Transcription initiation in prokaryotes can be divided into at least four distinct phases: RNAP binding, isomerization, abortive initiation, and promoter clearance (deHaseth and Helmann 1995; Saecker et al. 2011). First, RNAP holoenzyme binds to the promoter and forms one or more closed complexes (RPc) that are in rapid equilibrium with free promoter DNA and free RNAP (McClure 1985; Cowing et al. 1989; Mecsas et al. 1991). In the closed complex RNAP covers one face of the double-stranded DNA helix (Schickor et al. 1990), which is partially wrapped around RNAP (Coulombe and Burton 1999; Murakami et al. 2002a,b). The closed complex typically has a DNase I footprint that extends roughly from base −60 to base −5 (Kovacic 1987; Cowing et al. 1989; Schickor et al. 1990). Heparin, as a DNA mimic, competes with promoter DNA for RNAP binding and is used to eliminate closed complexes (McClure 1985). Isomerization includes at least two steps. In the first step, RPc is converted to one or more intermediate complexes (RPi) which exhibit footprints that extend downstream to base +15 to +20 (Cowing et al. 1989; Mecsas et al. 1991; Craig et al. 1995), suggesting more extensive wrapping of DNA around RNAP (Coulombe and Burton 1999; Rivetti et al. 1999). During formation of RPi there is a significant conformational change, resulting in substantial DNA untwisting but no DNA strand separation (Cowing et al. 1989; Mecsas et al. 1991). In the second step, the torsional stress is relieved by DNA melting that extends downstream from within the −10 hexamer to just beyond the transcription start site at +1, generating one or more open complexes (RPo) (Cowing et al. 1989; Schickor et al. 1990; Mecsas et al. 1991). Typically, open complexes are stable and resistant to heparin challenge (McClure 1985). Open complex formation generally requires temperatures of 25°C or higher and is inhibited at temperatures less than 20°C (Cowing et al. 1989; Schickor et al. 1990; Mecsas et al. 1991; Coulombe and Burton 1999). In the presence of NTPs and ATP, open complexes initiate transcription, resulting in the synthesis of short transcripts (<12 nt), most of which are released, a process termed abortive initiation (Munson and Reznikoff 1981). During this process, RNAP remains bound to the promoter (Krummel and Chamberlin 1989). Once RNAP synthesizes a sufficiently long transcript (~8 to 12 nt), the polymerase escapes from the promoter, releasing the σ subunit and forming a stable elongation complex (Hsu 2002).

Many bacterial genes with poor −35 hexamers (match 3 or 4 bases of the −35 consensus sequence TTGACA) are up-regulated by activator protein binding to the promoter and interacting with RNAP (Ptashne and Gann 1997; Hochschild and Dove 1998; Salgado et al. 2013). Any subunit of RNAP can serve as a contact site for an activator and any of the four phases of transcription initiation can be affected (Browning and Busby 2004; Ishihama 2010). Nevertheless, many of the activators can be divided into two groups based on the binding site and the RNAP subunit contacted. For Class I activators, the binding site is in the −60 region and the αCTD is contacted. For those in Class II, the activator generally binds in the −40 region and contacts the σCTD. However, there are a significant number of activators which do not fit into either of these two classes. Likewise, the activation mechanism varies from one activator and promoter to another. For example, the activator CAP stimulates lac operon transcription by binding to the lac promoter and using contacts with the αCTD to recruit RNAP to bind (Malan et al. 1984; Gourse et al. 2000). The λcI activator stimulates transcription at PRM by increasing the isomerization rate of prebound RNAP (Li et al. 1994). At the galP1 promoter CAP stimulates transcription by increasing both recruitment and the rate of isomerization (Belyaeva et al. 1996; Niu et al. 1996). Finally, at the malT promoter, CAP accelerates the escape of RNAP from the initiation complex (Eichenberger et al. 1997). Other examples can be found in the review by Browning and Busby (2004).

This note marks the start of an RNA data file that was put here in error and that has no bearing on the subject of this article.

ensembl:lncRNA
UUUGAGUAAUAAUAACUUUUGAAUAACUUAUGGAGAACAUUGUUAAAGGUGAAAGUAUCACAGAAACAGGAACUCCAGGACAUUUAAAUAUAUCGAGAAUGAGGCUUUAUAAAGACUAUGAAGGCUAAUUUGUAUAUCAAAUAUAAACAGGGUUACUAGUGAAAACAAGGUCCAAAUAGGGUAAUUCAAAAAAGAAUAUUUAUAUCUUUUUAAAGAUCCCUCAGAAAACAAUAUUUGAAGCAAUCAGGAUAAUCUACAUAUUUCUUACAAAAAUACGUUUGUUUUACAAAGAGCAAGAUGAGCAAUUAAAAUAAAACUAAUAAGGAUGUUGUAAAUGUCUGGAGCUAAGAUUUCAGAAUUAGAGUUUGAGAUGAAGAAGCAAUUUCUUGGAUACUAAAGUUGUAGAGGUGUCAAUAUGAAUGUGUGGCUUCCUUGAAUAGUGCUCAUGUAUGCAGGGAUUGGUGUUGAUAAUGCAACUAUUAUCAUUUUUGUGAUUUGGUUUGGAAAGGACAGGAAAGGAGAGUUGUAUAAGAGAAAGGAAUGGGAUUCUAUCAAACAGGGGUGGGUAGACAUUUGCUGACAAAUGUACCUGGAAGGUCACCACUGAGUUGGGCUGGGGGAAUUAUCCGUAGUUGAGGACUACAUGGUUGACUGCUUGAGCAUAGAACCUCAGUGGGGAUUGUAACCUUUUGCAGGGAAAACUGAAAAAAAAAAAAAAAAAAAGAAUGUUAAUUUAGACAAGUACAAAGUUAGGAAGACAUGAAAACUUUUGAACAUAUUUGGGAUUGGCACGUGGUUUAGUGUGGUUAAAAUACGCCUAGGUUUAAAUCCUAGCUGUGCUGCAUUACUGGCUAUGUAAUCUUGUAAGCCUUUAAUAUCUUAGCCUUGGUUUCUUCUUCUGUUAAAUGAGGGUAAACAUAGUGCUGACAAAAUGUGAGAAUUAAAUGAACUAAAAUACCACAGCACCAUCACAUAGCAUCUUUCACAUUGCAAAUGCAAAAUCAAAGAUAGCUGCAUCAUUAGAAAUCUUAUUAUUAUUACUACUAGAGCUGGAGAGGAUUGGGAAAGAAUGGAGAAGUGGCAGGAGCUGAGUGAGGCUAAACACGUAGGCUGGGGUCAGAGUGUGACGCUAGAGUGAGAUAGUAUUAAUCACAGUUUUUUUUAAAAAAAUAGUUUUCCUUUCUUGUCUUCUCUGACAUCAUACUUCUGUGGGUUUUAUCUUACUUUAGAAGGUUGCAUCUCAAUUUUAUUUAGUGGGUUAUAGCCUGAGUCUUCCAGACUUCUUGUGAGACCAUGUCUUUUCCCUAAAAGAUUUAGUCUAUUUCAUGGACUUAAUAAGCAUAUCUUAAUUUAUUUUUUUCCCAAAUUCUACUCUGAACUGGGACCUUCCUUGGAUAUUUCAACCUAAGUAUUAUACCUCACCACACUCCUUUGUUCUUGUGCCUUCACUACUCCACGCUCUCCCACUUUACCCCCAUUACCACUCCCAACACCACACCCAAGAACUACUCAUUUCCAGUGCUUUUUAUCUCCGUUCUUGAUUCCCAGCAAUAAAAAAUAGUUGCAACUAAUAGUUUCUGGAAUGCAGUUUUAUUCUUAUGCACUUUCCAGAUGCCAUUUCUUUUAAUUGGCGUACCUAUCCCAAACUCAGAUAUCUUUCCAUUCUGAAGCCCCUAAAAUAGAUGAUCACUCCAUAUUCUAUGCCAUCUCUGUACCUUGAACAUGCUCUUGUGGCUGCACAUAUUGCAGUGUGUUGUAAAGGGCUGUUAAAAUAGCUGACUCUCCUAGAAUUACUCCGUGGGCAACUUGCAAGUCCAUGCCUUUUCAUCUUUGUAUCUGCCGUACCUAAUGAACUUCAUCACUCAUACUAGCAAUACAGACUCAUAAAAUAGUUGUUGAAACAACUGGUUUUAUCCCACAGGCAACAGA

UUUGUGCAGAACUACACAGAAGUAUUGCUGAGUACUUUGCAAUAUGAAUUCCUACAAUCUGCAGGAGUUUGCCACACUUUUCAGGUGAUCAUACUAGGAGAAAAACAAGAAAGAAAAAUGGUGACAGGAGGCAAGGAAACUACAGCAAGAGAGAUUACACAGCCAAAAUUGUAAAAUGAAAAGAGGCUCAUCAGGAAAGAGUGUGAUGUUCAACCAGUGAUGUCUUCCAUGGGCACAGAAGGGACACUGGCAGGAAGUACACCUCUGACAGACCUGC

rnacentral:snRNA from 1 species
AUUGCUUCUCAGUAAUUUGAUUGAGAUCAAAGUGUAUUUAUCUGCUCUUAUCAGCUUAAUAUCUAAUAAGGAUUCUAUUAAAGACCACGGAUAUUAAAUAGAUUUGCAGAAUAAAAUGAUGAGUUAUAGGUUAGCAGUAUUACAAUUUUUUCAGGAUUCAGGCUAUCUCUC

Bacteriophage Mu is a temperate phage that infects E. coli K-12 and multiple species of other enteric bacteria (for reviews, see Howe 1998; Howe and Pato 2013; Paolozzi and Ghelardini 2006). During lytic development, Mu gene expression is catalyzed by the host RNAP (Toussaint and Lecocq 1974) and occurs in three phases: early, middle, and late (Marrs and Howe 1990; Stoddard and Howe 1990). The middle promoter Pm contains a −10 hexamer, but lacks a −35 hexamer. Only 1 or 2 bases match the −35 consensus TTGACA even when allowing a broad range of 17 ± 4 bp spacing between the −10 and −35 hexamers. As Pm also lacks an extended −10 sequence (TGn just before the −10 hexamer) (Keilty and Rosenberg 1987; Barne et al. 1997), transcription initiation at Pm requires an activator, the early gene product Mor (Mathee and Howe 1990, 1993; Stoddard and Howe 1990). Both mutational analysis and DNase I footprinting showed that a Mor dimer binds to a dyad-symmetry element located upstream and overlapping the −35 region in Pm (Artsimovitch and Howe 1996; Artsimovitch et al. 1996). Addition of RNAP to a mixture of Mor and Pm DNA resulted in a typical RNAP DNase I footprint extending downstream from Mor, as well as a short upstream footprint caused by binding of the αCTD (Artsimovitch et al. 1996). In in vitro transcription assays, the C-terminal domains of both the α and σ subunits were required for efficient activation of Pm by Mor, leading to the model shown in Figure 1 for the Mor-RNAP-Pm ternary complex (Artsimovitch et al. 1996).